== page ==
In Luke 3:23-38, the italicized words "the son" are not in the original Greek. Actually, Luke gives the fleshly descent of the Savior through Mary, while Matthew gives the legal descent through Joseph.
Matthew 24:24 should not have the italicized words "it were". It IS possible for the elect to be deceived. We need to be on guard!
Romans 1:7 incorrectly has the italicized words "to be." The fact is, Christians are now saints.
I Corinthians 7:19 needs some italicized words to make the meaning clear. It should say: "Circumcision is nothing, and uncircumcision is nothing, but [the important thing is] the keeping of the commandments of God."
Colossians 2:16-17 can be properly understood only if the KJV italicized word "is" in verse 17 is left out, as it should be. The message of these verses is: don't let men judge you as doing wrong when you observe the holy days, new moons and sabbaths; let the body of Christ (the Church) do the judging.
I Timothy 3:11 has "their" in italics, which is not implied in the original.
II Peter 2:5 should not have "person, a." Noah was the eighth preacher of righteousness.
I John 2:23 has "[but] he that acknowledgeth the Son hath the Father also" in italics. This is an addition based upon the Latin text and not in the original Greek.
Luke 23:43 has been erroneously used by some to claim that Jesus went straight to heaven at His death. The original Greek did not have punctuation marks as we do today. The KJV states, "And Jesus said unto him, Verily I say unto thee, To day shalt thou be with me in paradise." The comma should not be after "thee", but "day." The believing malefactor would be with Christ in the paradise of the redeemed when he was resurrected far into the future.
Mark 16:9 does not say that Jesus was resurrected Sunday morning. There is a missing implied comma between "risen" and "early" and there should be no comma after week as the KJV has it: "Now when Jesus was risen early the first day of the week, he appeared first to Mary Magdalene . . . ." Thus, it should say, "Now when Jesus was risen, early the first day of the week he appeared first to Mary Magdalene . . . ."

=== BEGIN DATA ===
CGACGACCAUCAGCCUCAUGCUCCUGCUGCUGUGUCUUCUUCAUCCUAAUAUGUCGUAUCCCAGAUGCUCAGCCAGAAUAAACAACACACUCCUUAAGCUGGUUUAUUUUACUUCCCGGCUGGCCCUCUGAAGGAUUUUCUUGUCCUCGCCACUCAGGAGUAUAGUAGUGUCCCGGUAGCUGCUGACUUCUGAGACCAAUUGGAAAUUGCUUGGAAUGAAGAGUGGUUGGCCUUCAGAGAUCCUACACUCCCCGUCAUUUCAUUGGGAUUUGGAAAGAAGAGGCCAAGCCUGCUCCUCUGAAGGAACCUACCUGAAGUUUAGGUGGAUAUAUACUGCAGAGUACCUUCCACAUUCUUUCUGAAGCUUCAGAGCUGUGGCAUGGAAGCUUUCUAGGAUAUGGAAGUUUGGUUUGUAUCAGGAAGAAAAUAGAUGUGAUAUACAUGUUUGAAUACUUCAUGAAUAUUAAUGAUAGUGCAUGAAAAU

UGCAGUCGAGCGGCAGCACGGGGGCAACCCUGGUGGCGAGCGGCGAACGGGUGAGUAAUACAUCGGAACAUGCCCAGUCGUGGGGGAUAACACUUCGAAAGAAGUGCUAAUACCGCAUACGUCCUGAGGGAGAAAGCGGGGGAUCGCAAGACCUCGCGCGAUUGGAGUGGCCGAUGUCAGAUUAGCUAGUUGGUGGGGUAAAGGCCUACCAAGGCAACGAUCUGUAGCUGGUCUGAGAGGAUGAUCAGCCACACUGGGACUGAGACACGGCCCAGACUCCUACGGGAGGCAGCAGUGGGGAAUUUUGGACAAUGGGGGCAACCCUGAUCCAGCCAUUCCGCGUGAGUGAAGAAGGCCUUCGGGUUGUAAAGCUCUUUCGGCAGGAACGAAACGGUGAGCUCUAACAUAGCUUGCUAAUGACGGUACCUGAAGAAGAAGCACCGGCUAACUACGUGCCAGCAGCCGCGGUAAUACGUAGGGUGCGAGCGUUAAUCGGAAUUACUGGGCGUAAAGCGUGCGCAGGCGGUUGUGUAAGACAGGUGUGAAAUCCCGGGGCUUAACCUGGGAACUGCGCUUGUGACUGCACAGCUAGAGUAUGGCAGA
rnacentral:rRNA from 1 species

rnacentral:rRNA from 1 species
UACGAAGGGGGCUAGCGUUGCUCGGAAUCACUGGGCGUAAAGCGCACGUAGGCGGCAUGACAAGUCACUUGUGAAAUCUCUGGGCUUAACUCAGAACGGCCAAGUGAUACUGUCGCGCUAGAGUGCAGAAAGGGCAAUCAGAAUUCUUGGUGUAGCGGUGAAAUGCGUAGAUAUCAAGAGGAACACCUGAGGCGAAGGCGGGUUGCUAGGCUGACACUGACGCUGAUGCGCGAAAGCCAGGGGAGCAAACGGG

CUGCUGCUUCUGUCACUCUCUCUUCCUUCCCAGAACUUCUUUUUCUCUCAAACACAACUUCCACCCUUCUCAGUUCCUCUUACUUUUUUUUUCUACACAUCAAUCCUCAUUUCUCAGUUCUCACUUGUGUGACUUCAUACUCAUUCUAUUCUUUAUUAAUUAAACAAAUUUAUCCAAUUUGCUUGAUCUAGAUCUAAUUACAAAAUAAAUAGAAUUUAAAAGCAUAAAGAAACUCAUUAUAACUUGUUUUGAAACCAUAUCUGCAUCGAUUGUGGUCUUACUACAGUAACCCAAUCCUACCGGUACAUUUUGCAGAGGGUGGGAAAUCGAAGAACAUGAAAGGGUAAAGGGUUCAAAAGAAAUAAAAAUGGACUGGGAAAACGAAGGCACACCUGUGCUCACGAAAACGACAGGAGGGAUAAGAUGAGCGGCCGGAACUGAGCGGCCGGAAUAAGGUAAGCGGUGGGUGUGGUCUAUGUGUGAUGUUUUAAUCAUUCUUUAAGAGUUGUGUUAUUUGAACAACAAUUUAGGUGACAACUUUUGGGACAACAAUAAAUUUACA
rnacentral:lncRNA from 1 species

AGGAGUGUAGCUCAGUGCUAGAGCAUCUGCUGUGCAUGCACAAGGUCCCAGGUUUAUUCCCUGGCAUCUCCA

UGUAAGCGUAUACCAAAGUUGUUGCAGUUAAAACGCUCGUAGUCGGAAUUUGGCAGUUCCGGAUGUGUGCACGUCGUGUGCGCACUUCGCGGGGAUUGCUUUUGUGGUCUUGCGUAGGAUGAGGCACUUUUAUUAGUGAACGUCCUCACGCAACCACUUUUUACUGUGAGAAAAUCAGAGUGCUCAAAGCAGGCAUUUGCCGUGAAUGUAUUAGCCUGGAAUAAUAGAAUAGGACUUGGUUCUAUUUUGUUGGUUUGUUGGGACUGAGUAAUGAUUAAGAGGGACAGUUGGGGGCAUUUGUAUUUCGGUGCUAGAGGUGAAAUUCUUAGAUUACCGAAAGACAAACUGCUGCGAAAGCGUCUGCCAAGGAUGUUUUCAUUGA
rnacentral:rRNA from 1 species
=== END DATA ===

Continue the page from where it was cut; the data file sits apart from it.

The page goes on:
Another thing to keep in mind is the fact that the 1611 A.D. King James English is somewhat different than today's English language. The meaning of certain words has changed, and/or the King James sometimes uses words not familiar to most people today in their common speech. In addition, certain idioms in the original Hebrew and Greek are a little difficult to understand today. The Oxford Wide Margin KJV has excellent marginal references which often explain the correct meanings. Here is a partial listing of changed word meanings:
Unjustified Additions to the KJV
Derived From Latin Vulgate, Not in Greek Text
These additions should be omitted from the KJV:
Delete: "being convicted by their own conscience . . . unto the last . . . alone . . . and saw none but the woman . . . those thine accusers."
The Greek properly reads: "But when they heard it, they went away, one by one, beginning with the eldest, and Jesus was left with the woman being before him. Jesus lifted himself up and said to her, 'Woman, where are they? Has no one condemned you?'"
Misplaced Verses in the KJV
In Matthew 23:13-14, the proper order is: "But woe unto you, scribes and Pharisees, hypocrites! for ye devour widows' houses, and for a pretense make long prayer: therefore ye shall receive the greater damnation. Woe unto you, scribes and Pharisees, hypocrites! for ye shut up the kingdom of heaven against men: for ye neither go in yourselves, neither suffer ye them that are entering to go in."
Romans 16:25-27 belongs after Romans 14:23, not at the end of the book.
Items Wrongly Substituted or Left Out of the KJV,
Should be Reinstated
[The Orthodox Church says this was part of the Greek Text until mistakenly deleted in 511 A.D.]
This verse should read: "And Jesus said to him, Forbid him not, for he is not against you. For whoever is not against you is for you."
The King James Version is a word-for-word translation. Other translations, such as the New International Version (NIV), are meaning-for-meaning translations.
... In spite of its imperfections, the King James Version remains a masterpiece. . . .
Resources Refuting King James Onlyism